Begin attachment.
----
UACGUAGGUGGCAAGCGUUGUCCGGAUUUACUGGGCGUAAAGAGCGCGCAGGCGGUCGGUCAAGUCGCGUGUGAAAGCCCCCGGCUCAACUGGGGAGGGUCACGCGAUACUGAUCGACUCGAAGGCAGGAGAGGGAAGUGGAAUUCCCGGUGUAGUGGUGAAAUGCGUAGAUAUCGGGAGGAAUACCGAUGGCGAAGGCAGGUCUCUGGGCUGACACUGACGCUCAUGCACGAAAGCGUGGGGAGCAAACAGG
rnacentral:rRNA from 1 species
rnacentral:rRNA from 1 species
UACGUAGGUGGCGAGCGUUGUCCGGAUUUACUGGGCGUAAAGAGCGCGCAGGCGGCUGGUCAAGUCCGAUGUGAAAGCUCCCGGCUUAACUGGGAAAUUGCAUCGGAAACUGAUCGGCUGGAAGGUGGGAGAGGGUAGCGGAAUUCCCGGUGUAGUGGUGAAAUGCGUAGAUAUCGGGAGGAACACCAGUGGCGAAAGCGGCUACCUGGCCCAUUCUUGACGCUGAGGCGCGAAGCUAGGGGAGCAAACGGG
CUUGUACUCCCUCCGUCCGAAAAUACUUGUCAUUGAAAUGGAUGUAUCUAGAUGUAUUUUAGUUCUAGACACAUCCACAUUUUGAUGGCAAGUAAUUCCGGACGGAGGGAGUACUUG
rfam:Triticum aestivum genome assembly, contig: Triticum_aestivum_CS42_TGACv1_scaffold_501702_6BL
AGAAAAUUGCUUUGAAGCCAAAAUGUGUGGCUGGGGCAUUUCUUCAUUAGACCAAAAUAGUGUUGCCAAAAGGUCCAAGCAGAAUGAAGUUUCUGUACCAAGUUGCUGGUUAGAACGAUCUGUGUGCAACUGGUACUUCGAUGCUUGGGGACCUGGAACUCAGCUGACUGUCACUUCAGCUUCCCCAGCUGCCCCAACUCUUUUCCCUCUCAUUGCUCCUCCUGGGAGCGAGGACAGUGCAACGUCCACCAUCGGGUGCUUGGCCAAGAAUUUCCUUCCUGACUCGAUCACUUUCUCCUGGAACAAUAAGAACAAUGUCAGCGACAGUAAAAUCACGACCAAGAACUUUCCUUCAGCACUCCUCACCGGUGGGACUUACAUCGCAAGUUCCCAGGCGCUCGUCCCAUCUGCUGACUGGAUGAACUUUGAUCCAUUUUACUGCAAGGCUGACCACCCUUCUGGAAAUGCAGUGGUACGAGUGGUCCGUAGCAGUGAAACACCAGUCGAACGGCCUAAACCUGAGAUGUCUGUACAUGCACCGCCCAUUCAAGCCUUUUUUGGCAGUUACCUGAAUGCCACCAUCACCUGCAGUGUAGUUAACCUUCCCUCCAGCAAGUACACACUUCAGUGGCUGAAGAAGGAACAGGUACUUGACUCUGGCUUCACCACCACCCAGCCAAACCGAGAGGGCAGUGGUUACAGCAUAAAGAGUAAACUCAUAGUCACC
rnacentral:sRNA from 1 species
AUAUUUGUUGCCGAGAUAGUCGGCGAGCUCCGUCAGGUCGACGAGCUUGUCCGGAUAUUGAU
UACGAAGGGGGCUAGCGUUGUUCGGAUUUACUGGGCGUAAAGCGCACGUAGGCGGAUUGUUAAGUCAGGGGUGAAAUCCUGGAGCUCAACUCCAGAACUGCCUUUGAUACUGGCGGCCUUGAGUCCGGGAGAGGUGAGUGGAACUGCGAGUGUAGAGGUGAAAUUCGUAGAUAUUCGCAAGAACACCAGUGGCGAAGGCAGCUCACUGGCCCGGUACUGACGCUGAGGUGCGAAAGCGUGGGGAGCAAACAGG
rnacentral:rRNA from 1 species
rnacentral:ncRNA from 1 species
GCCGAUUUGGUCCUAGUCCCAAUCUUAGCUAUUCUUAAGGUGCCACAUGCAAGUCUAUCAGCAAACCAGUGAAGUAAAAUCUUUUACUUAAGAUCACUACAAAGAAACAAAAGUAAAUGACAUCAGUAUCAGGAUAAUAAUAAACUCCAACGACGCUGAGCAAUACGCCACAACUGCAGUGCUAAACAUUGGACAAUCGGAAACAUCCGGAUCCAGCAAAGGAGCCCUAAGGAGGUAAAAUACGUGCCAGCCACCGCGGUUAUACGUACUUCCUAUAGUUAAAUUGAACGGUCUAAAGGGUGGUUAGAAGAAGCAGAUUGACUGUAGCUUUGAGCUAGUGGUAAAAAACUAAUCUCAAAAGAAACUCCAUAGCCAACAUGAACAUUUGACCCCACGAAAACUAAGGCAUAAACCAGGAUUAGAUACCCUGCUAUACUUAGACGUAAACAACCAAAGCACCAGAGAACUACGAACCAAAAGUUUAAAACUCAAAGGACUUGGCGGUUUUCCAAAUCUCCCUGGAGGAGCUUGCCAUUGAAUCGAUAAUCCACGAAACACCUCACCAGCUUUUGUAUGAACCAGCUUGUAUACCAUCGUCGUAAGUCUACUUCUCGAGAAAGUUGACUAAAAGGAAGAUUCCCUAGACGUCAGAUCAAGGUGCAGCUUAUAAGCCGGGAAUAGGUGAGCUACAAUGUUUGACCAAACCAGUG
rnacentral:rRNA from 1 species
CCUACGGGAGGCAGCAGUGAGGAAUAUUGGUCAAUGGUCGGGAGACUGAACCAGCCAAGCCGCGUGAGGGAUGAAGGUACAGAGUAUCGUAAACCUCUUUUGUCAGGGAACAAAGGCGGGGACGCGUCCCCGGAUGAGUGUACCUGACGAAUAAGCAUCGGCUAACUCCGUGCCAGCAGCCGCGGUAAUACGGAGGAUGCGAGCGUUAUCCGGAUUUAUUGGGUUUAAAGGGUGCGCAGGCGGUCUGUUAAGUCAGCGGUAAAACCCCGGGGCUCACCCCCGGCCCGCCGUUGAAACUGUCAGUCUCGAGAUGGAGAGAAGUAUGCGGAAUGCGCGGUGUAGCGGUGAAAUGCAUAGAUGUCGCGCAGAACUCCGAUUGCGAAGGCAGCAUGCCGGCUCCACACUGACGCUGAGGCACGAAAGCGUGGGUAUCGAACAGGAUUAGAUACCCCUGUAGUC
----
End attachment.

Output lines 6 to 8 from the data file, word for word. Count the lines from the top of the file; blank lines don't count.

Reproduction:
rfam:Triticum aestivum genome assembly, contig: Triticum_aestivum_CS42_TGACv1_scaffold_501702_6BL
AGAAAAUUGCUUUGAAGCCAAAAUGUGUGGCUGGGGCAUUUCUUCAUUAGACCAAAAUAGUGUUGCCAAAAGGUCCAAGCAGAAUGAAGUUUCUGUACCAAGUUGCUGGUUAGAACGAUCUGUGUGCAACUGGUACUUCGAUGCUUGGGGACCUGGAACUCAGCUGACUGUCACUUCAGCUUCCCCAGCUGCCCCAACUCUUUUCCCUCUCAUUGCUCCUCCUGGGAGCGAGGACAGUGCAACGUCCACCAUCGGGUGCUUGGCCAAGAAUUUCCUUCCUGACUCGAUCACUUUCUCCUGGAACAAUAAGAACAAUGUCAGCGACAGUAAAAUCACGACCAAGAACUUUCCUUCAGCACUCCUCACCGGUGGGACUUACAUCGCAAGUUCCCAGGCGCUCGUCCCAUCUGCUGACUGGAUGAACUUUGAUCCAUUUUACUGCAAGGCUGACCACCCUUCUGGAAAUGCAGUGGUACGAGUGGUCCGUAGCAGUGAAACACCAGUCGAACGGCCUAAACCUGAGAUGUCUGUACAUGCACCGCCCAUUCAAGCCUUUUUUGGCAGUUACCUGAAUGCCACCAUCACCUGCAGUGUAGUUAACCUUCCCUCCAGCAAGUACACACUUCAGUGGCUGAAGAAGGAACAGGUACUUGACUCUGGCUUCACCACCACCCAGCCAAACCGAGAGGGCAGUGGUUACAGCAUAAAGAGUAAACUCAUAGUCACC
rnacentral:sRNA from 1 species